Liability Coverage Can Offer Protection From Discrimination Claims

Do you carry employment practices liability insurance to protect your business from discrimination claims?

A single discrimination claim can ruin a thriving business, so if you don't carry this insurance, you probably should. If you do carry it, it pays to know just what your policy does and does not promise to do for you, since coverages vary.

Employment practices liability, or EPL, insurance is widely available at reasonable prices these days. Some two dozen insurers sell the cover to small and middle-market businesses at premiums ranging upward from $1,500 to $2,000 per year. A year and a half ago only a handful of insurers sold the cover at premiums starting at $25,000 per year.

"Right now it's a buyer's market," says Shay Neuman, vice president of the Pasadena insurance broker Sullivan & Curtis. Neuman specializes in selling EPL and similar coverages, including errors and omissions and professional liability insurance, to small and middle-market businesses.

"Premiums are down 40 to 50% in the last 18 months, and there's more capacity," Neuman says. "You can buy up to $25 million in coverage, but right now middle-market businesses buy $500,000 to $2.5 million in coverage."

In general, EPL insurance covers you against claims of:

* Sexual harassment in the workplace;

* Wrongful termination;

* Discrimination under the Americans With Disabilities Act;

* Failure to hire or to promote by reason of age, sex, race or religion.

If you employ others in your business, Neuman says, you stand a good chance that sooner or later an unhappy worker will sue you for one or another of these wrongs. Worse, settlement costs easily hit $100,000 and go up quickly. Jury verdicts reach into the millions.

Neuman counsels business owners to ask these questions when checking out EPL coverage:

* Does the insurance cover "prior" acts of discrimination--those occurring before you bought the coverage?

* Does it exclude coverage for intentional acts of discrimination?

* Does it cover actual and punitive damages to limits consistent with the size of your business?

* Does it carry a deductible reflecting your operations? Does your insurer waive the deductible if the suit goes to trial and you win?

* Does your policy saddle you with a "copay" of, for example, 10% of any damages exceeding your deductible?

* Is your coverage "stand-alone" insurance, or did you buy it as an endorsement to your professional liability or directors and officers coverage? If the latter, does the limit--the maximum benefit payable under the policy--apply to each coverage separately or together?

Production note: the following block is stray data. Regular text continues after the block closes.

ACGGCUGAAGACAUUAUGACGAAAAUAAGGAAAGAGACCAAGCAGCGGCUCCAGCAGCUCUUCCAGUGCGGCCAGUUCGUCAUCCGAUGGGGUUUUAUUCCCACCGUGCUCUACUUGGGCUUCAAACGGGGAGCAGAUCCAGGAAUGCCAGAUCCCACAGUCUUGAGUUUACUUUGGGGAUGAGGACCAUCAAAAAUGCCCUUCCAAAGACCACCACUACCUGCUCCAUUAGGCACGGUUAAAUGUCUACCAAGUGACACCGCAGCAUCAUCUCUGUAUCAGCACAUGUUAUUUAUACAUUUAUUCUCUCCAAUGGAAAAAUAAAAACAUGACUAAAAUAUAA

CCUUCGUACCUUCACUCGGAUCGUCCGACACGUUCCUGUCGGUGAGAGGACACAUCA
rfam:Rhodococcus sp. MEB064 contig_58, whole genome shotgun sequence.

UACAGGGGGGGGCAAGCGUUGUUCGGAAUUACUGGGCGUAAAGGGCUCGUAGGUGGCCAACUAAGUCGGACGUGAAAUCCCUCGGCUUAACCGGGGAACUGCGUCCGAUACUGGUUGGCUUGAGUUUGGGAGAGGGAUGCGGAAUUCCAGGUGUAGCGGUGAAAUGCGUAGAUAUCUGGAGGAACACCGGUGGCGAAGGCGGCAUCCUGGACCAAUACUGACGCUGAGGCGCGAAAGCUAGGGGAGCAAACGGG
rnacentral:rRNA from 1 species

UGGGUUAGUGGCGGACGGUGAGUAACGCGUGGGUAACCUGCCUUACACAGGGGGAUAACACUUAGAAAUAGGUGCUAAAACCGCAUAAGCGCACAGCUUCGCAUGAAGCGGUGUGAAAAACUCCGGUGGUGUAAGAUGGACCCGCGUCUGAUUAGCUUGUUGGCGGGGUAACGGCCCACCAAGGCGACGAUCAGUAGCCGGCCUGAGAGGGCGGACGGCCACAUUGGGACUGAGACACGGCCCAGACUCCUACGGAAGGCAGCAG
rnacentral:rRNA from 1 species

* Does the insurance cover your business entity as well as your managers and employees?

* Last but not least, does your insurer offer loss-control services to keep small claims from becoming big ones?

Neuman considers it particularly important to buy "prior-acts" cover--and to make sure that your insurance does not exclude coverage for intentional acts of discrimination. Until recently, she says, insurers excluded coverage for intentional acts of discrimination automatically, and even now some cover only certain acts, intentional or not.

Coverage for punitive damages is equally important, Neuman says.

"We live in the state of California, and California law does not permit insurers to cover punitive damages," she says. "But you can argue the point that if your insurer is not domiciled in California, you can cover punitive damages with insurance.

"We have yet to see whether the courts will allow this. Some do, some do not. Meanwhile, I tell my clients that it costs no additional premium to buy coverage for punitive damages, so it makes sense to get it."

She also considers it a good idea to buy stand-alone coverage. If your policy offers one limit for EPL and directors and officers coverage alike, she says, a discrimination suit may strip you of coverage for the latter risk.

"Employment practices liability insurance is the hottest issue in the insurance marketplace right now," Neuman says. "Two years ago everybody talked about it but no one wanted to pay the price, which basically started at $25,000.

"Now, if you have, say, 15 employees, you can get adequate EPL cover for $1,800. The cost per employee is relatively low, especially when you consider that if you go to court to fight a discrimination claim, the cost of defense and settlement starts at $100,000 and goes up.

"And that's just for settlements, not jury verdicts. You don't want any EPL case to go to a jury."

Neuman expects prices to soften even more in the coming months as the number of insurers offering the coverage increases. But no employer with a going business should wait to buy the insurance, she says.

"It's a buyer's market, but every business owner needs this kind of insurance," she says. "There's only one mandatory insurance, and that's worker's comp. Employment practices insurance isn't mandatory, but it should be."


Freelance writer Juan Hovey can be reached at (805) 492-7909 or by e-mail at

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